It is important for women to take L-methylfolate, the active form of folic acid, during pregnancy. L-methylfolate is an essential substance needed to help prevent pregnancy complications, such as spina bifida or other neural tube defects. To help prevent these problems, women who are of childbearing age should consume at least 400 mcg of folic acid daily from vitamins or dietary means.
Studies have shown that folate can reduce the risk for neural tube defects, such as spina bifida, when taken immediately before and during the first trimester of pregnancy. It can also help prevent anemia in the pregnant woman. Because L-methylfolate is the active form of folic acid, it can be used instead of folic acid.
Because many pregnancies are unplanned, it is normally recommended that all women capable of becoming pregnant take 400 mcg of folic acid daily, obtained through diet or vitamins. The recommended dietary allowance (RDA) for pregnant women is 600 mcg per day. Women with a history of a pregnancy complicated by neural tube defects are usually advised to take 4 mg (4000 mcg) a day.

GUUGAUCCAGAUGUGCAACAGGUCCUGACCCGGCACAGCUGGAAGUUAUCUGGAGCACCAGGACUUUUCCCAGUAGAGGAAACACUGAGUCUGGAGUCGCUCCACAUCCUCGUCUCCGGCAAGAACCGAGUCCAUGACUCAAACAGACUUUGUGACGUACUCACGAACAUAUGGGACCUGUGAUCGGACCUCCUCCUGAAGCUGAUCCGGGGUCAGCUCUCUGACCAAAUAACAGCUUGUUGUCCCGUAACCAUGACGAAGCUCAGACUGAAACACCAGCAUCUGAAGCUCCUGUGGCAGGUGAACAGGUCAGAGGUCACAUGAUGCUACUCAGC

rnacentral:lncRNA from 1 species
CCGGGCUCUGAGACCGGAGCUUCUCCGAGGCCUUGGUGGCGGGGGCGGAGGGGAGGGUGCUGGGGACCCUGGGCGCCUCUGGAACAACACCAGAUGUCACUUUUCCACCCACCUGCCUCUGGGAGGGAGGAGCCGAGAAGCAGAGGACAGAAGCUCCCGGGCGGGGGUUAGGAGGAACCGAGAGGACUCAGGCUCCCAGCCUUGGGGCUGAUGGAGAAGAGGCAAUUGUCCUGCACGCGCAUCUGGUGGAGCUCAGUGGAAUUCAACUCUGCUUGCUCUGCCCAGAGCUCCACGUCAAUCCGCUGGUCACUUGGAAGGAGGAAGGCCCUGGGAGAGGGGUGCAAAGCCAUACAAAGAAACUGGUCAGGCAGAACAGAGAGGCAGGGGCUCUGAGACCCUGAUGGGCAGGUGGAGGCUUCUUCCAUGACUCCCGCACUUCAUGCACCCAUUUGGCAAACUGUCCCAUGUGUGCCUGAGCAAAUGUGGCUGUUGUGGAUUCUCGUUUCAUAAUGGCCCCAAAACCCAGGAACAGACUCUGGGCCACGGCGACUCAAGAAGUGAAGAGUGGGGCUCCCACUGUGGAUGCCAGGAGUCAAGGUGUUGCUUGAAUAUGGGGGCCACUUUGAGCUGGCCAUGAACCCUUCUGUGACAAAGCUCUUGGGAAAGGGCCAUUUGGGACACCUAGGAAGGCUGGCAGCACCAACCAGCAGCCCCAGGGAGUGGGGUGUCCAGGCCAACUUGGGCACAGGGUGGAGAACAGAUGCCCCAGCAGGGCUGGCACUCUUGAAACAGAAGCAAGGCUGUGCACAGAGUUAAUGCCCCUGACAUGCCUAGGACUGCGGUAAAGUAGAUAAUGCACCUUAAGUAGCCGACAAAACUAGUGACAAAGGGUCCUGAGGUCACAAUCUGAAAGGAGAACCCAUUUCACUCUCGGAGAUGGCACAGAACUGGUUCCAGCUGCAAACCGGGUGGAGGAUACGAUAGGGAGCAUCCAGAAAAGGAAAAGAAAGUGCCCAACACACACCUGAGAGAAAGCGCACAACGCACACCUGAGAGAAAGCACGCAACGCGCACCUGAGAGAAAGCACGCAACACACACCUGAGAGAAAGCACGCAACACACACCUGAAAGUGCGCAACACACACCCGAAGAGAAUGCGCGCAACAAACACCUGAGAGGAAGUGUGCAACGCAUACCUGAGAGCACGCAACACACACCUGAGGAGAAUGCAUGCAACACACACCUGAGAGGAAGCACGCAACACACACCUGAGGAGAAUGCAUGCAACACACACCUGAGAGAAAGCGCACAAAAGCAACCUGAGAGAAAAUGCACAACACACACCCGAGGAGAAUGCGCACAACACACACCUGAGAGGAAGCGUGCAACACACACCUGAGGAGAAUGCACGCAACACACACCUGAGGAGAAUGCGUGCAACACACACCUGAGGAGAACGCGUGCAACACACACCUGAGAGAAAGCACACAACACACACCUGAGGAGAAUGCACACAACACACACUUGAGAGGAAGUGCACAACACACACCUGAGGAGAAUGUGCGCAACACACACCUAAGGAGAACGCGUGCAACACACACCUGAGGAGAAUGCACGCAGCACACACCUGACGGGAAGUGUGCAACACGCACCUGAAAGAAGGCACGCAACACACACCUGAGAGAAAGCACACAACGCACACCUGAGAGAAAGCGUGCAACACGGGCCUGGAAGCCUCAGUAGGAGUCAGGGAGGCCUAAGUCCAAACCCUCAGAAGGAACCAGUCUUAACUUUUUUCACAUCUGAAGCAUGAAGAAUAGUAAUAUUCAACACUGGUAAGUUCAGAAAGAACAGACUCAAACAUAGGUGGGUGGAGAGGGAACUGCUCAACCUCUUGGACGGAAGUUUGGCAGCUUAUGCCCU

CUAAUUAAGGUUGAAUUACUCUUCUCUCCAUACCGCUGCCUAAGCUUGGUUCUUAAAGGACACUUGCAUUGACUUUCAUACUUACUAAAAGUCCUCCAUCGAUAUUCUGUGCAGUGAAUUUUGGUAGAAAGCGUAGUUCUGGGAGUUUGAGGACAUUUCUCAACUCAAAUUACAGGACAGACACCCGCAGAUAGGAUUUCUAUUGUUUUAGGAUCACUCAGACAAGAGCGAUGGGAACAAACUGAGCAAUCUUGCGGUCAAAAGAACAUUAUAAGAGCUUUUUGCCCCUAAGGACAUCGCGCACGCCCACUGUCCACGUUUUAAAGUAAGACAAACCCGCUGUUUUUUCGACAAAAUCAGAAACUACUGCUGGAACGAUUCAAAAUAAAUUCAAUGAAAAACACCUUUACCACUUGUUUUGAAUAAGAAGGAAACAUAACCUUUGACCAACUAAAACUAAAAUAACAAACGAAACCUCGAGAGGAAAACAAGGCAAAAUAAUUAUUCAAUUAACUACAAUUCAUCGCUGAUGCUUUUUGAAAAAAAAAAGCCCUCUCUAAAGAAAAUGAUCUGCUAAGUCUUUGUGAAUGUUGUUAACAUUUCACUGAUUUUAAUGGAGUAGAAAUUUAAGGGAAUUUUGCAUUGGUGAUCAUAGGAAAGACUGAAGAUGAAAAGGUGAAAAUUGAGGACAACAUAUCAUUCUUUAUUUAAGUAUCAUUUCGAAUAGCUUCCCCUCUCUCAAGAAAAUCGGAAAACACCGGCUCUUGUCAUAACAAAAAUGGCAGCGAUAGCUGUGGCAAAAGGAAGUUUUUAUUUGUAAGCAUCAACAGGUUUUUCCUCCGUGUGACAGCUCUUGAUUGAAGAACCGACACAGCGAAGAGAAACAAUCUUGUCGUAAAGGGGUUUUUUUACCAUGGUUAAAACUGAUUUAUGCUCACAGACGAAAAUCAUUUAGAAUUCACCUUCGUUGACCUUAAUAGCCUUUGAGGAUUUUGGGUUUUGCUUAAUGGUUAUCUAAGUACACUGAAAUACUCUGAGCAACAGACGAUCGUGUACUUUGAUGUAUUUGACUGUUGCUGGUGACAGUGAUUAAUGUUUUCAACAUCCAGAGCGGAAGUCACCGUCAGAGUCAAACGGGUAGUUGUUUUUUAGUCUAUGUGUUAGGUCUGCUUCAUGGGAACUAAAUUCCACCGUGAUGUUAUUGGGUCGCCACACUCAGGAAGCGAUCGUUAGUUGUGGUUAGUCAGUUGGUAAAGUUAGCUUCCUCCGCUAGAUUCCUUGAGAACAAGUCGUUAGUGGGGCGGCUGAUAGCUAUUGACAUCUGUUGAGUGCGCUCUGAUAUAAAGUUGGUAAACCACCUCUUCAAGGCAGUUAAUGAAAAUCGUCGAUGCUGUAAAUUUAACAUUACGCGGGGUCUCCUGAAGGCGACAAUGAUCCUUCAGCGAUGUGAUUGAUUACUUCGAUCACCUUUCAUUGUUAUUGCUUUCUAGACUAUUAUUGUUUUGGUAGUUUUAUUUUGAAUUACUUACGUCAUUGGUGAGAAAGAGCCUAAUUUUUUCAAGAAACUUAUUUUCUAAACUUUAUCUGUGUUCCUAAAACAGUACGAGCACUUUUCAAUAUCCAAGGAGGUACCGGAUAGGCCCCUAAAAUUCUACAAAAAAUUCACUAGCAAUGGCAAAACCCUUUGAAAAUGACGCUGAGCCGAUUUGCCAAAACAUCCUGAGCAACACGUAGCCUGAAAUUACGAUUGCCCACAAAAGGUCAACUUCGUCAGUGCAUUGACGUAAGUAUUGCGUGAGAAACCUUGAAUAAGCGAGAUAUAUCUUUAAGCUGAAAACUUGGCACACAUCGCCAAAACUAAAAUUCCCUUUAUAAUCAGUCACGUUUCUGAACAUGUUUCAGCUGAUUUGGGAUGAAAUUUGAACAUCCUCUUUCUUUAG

Most prenatal vitamins contain folic acid. Some of these vitamins contain as much as 1000 mcg (1 mg). However, L-methylfolate is found in some products in addition to, or instead of, folic acid. Examples of prenatal vitamins that contain L-methylfolate include:
Women with a genetic variation of the gene for the methylenetetrahydrofolate reductase (MTHFR) enzyme may not adequately break down folic acid into L-methylfolate. Prenatal vitamins that contain L-methylfolate instead of folic acid may be more effective for these women. However, this type of genetic condition is not likely to be common.
Some supplements contain doses of L-methylfolate that are even higher than the recommended amount for pregnant women. At this time, it is unknown whether these high L-methylfolate doses are safe for use during pregnancy.
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